Maybe we can look on the bright side. Yes, for most of the first three months of 2002, the benchmark cost of oil has risen steadily, from about $21 a barrel at the start of the year to more than $27 in early April. However, since then, prices have retreated some amid hope that the visit of U.S. Secretary of State Colin Powell to Ariel Sharon and Yasser Arafat would ensure that the oil keeps flowing. The situation in Venezuela, though, still bears watching with the sudden fall -- and then reinstatement -- of Venezuelan President Hugo Chávez leaving an uncertain outlook for that country's oil exports.
GAS GUZZLERS. What happens if the hope for moderating oil prices proves short-lived? After all, it's highly unlikely that Powell will succeed in bringing any semblance of peace to Israel and the Palestinians in the near future. And if events take another turn for the worse, oil prices could start heading north again.
That could spell trouble for Asia's nascent rebound. As Arup Raha, the Asia chief economist for UBS Warburg, points out, the region is "quite vulnerable" to an oil shock. Compared to the U.S. and Europe, most Asian countries are far less efficient in their energy use. "Unlike most of the Western world, which has reduced its dependence on oil, [Asian economies] have not made progress," he says. Japan, Hong Kong, and Taiwan compare favorably to the U.S. and the European Union, but the rest of the region, including China, India, and Southeast Asia, lags far behind.
Which countries stand to suffer the most if oil prices stay high? Both UBS Warburg's Raha and Bear Stearns's Kurtz think two of the biggest losers could be South Korea and Taiwan. These high-tech powerhouses benefited in late 2001 from an increase in prices for their chief export commodity -- dynamic random-access memory chips -- and a fall in prices for their chief import commodity -- oil.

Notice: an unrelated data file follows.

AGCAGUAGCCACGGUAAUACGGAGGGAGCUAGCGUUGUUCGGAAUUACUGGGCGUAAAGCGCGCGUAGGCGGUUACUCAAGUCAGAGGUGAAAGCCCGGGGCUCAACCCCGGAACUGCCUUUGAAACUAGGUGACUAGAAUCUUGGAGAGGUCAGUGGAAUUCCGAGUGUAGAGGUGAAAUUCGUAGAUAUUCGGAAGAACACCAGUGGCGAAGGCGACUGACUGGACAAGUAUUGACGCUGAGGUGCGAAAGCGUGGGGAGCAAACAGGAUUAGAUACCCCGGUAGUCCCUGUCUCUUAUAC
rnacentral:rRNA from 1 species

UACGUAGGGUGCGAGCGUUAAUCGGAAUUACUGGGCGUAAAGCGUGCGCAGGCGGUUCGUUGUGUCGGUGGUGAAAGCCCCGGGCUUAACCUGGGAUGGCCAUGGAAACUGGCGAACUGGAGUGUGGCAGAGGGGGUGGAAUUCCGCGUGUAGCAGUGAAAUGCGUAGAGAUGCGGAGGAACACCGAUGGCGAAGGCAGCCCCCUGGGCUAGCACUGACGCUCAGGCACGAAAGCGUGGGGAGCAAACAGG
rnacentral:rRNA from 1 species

THE EXPORT IMPERATIVE. Indeed, from a post-September 11 low of about $1, the benchmark price for DRAMs jumped about four-fold within just a few months, at the same time that Brent Crude prices fell as low as $18. That led to a positive swing in what economists call their terms of trade -- how many semiconductors the Koreans and the Taiwanese needed to sell to pay for a barrel of oil. Unfortunately, the commodity prices have reversed course.
Another problem for the two Tigers is their dependence on exports. For all its exporting prowess, Japan is far less reliant on exports than its two neighbors. Japan's ratio of exports to gross domestic product is only about 12%, but Korea's is in the mid-30s, and Taiwan's is in the 40s. A sustained increase in oil prices that hurts demand in the U.S. and Europe for Asian electronic gizmos would therefore hurt the Koreans and the Taiwanese more than it would the Japanese.